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December 2, 2021

Drought strikes nerve at legislative summit

GILROY—The second-annual South County Legislative Summit was a who’s-who of elected officials that included U.S. Congress representatives and South County mayors pro tem.
Hosted by the Gilroy Chamber of Commerce, the April 17 event was a chance for the people’s representatives to focus on some of the California’s greatest challenges, such as ongoing water battles, agriculture and challenges to the county and cities, such as water conservation and transportation.
“This is the new norm for California,” Morgan Hill Mayor Pro Tem Larry Carr said of the drought in its fourth year. “This is not a problem that will go away if we keep our heads down.”
Residents were urged to use smart phones to report water abuse.
“If you see someone wasting water, you can take a picture of it and you can send it to the water district,” Santa Clara Valley Water District Director Dennis Kennedy said, referring to the district’s smartphone app.
Ten inspectors countywide can follow up on reported incidents and, depending on the severity, a warning or fine can be issued, he said.
Congressman Sam Farr called farmers undeserving victims of “bad publicity” as he hinted at media reports that draw a causal connection between the drought and agriculture.
“We want to keep that agriculture here,” Farr said of the $250 million a year industry in Santa Clara County. “It’s our best defense against urban sprawl…and it protects our open space.”
The bad press, he said, is likely due to the fact everyone “realizes they have to sacrifice a little bit.”
Agriculture must strive to be sustainable and he believes the county’s agricultural businesses will show the world how best to do it, he said, whether it’s increasing the use of recycled water or wastewater.
Kennedy described a high-tech concept in the works in which water will be injected into the ground to recharge California’s aquifers.
“Efforts like that are really the focus to make us more drought-proof,” he said.
On another matter, some office holders expressed frustration with the stalemate at the national level over immigration issues.
Congresswoman Zoe Lofgren, D-San Jose, said an effort to change immigration laws stalled when the House of Representatives refused to put it up for a vote.
“It was a shame because we had the votes to pass it. We just didn’t have a vote,” Lofgren said. “This year, we’re back to square one and I don’t see any willingness at this point to engage in legislative reform (regarding immigration laws.)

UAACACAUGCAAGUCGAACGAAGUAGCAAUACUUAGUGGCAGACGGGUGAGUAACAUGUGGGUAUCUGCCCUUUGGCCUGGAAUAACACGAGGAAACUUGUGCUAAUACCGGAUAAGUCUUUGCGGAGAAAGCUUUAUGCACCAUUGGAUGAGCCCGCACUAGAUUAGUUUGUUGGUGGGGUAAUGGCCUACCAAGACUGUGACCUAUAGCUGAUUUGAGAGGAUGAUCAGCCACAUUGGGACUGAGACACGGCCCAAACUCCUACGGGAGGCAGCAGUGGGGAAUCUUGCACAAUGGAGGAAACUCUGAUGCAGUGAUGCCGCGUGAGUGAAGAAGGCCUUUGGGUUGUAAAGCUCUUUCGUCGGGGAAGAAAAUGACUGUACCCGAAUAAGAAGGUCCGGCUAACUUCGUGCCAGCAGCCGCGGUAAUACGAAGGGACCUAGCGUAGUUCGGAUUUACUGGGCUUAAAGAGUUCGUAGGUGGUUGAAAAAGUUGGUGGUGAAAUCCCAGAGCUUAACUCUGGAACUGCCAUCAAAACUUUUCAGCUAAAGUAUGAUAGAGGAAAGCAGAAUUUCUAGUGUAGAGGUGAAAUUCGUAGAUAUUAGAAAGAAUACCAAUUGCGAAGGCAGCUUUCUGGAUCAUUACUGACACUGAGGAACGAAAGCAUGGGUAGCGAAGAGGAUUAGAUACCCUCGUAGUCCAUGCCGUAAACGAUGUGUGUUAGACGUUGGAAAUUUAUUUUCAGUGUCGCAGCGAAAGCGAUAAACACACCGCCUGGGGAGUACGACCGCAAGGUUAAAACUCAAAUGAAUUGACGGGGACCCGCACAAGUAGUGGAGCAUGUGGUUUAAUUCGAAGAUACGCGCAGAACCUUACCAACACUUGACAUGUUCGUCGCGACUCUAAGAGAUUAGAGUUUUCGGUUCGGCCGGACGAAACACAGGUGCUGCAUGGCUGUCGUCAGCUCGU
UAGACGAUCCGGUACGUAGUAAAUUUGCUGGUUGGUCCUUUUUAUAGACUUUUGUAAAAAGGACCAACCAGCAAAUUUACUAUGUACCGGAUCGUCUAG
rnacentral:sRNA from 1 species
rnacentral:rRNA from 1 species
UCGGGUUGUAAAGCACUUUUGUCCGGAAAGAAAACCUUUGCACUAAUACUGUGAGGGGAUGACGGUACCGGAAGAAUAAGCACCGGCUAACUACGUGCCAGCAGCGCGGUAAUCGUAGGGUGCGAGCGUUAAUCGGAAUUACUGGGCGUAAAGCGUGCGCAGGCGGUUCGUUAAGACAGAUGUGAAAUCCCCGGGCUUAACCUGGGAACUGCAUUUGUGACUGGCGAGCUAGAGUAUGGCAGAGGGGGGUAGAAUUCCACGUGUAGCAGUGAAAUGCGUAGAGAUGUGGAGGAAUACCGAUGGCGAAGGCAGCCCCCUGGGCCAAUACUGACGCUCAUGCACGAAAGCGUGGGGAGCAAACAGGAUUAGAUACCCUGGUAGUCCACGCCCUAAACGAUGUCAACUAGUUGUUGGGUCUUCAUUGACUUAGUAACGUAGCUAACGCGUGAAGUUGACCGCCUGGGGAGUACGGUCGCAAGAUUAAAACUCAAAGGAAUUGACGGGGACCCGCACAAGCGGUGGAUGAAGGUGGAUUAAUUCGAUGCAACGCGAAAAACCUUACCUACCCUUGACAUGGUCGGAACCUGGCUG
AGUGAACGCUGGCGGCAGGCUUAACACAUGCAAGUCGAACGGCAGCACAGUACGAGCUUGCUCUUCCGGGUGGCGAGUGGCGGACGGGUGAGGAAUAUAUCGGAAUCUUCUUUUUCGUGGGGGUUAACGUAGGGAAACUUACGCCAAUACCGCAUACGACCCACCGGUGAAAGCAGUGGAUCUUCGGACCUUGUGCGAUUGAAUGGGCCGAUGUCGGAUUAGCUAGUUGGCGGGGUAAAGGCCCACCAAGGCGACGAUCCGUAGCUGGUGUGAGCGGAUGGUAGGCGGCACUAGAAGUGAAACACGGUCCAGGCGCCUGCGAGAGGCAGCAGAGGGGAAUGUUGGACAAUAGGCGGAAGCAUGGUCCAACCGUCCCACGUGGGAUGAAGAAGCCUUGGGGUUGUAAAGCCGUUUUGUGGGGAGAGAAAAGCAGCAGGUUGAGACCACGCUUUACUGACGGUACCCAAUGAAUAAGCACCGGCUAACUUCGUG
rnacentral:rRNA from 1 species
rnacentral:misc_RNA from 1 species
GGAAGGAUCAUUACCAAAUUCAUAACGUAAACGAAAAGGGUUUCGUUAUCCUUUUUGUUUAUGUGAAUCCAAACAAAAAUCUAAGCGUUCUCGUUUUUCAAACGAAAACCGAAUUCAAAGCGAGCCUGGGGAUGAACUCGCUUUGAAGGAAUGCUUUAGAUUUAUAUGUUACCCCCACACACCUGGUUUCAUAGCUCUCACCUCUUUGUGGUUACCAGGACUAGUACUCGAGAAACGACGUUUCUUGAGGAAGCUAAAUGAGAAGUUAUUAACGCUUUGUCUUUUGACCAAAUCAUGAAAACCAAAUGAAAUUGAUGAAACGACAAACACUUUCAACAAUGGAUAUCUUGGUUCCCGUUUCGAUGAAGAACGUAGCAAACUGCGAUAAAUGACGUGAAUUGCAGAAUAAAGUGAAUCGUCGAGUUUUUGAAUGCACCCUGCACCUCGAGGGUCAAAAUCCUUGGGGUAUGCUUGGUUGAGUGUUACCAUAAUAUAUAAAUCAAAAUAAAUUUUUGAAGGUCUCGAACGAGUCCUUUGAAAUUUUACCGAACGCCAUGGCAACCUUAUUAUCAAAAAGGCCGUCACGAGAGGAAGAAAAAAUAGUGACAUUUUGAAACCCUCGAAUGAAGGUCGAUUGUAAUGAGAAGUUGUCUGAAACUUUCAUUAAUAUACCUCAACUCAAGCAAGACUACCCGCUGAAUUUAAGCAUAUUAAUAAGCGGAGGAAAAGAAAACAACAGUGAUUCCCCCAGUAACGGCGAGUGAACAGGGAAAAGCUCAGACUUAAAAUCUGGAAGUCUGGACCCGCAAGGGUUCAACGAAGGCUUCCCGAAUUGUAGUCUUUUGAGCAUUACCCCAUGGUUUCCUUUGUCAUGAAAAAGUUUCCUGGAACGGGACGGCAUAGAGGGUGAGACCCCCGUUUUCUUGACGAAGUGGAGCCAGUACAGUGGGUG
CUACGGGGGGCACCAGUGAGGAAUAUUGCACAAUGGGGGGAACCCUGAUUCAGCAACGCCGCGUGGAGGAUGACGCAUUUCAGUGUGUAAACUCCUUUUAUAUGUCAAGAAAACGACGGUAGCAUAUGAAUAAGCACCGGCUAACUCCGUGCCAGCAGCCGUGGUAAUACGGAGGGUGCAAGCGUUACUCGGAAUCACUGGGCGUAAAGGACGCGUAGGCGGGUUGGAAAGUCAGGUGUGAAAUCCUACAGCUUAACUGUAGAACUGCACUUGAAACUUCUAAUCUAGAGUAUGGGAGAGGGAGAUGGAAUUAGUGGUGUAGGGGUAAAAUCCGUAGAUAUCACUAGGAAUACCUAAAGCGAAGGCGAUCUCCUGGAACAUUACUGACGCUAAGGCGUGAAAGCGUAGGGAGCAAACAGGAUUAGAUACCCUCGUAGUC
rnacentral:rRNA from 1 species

Assemblyman Luis Alejo, D-Watsonville, who authored Assembly Bill 60 enacted into law this year, touted the bill’s benefits.
More than 230,000 immigrants have received driver’s licenses under the new law, he said. To obtain one, they must pass a written exam, a driving test and provide proof of auto insurance.
“They can go to work, take their kids to school, go to local restaurants and without fear their cars will be impounded,” he said, adding that he received a call recently from a former reporter for the New York Times reporter, Jose Antonio Vargas, who publicly admitted he was in the country illegally.
“(Vargas) called me the other day to let me know he was renting a car at Hertz because he now has a license. Multiply that story by thousands of people all throughout California,” Alejo said.
State funding to equip police with body-worn cameras, Alejo said, will reduce real and false complaints of excessive force against local departments, Alejo said.
Alejo said he is not running again for the seat, which serves California’s 30th State Assembly District and represents Gilroy and Morgan Hill. This week, his wife and current Watsonville City Council member Karina Cervantez Alejo announced she is running for the seat.
Gilroy Chamber President and CEO Mark Turner said after the event that he plans another in Gilroy in the spring of 2016.
“We got a great response from all the elected officials who indicated they’d enjoy coming back next year,” he said.
“We want to keep that agriculture here (in Santa Clara County). It’s our best defense against urban sprawl…and it protects our open space.”
-Congressman Sam Farr, D-Monterey

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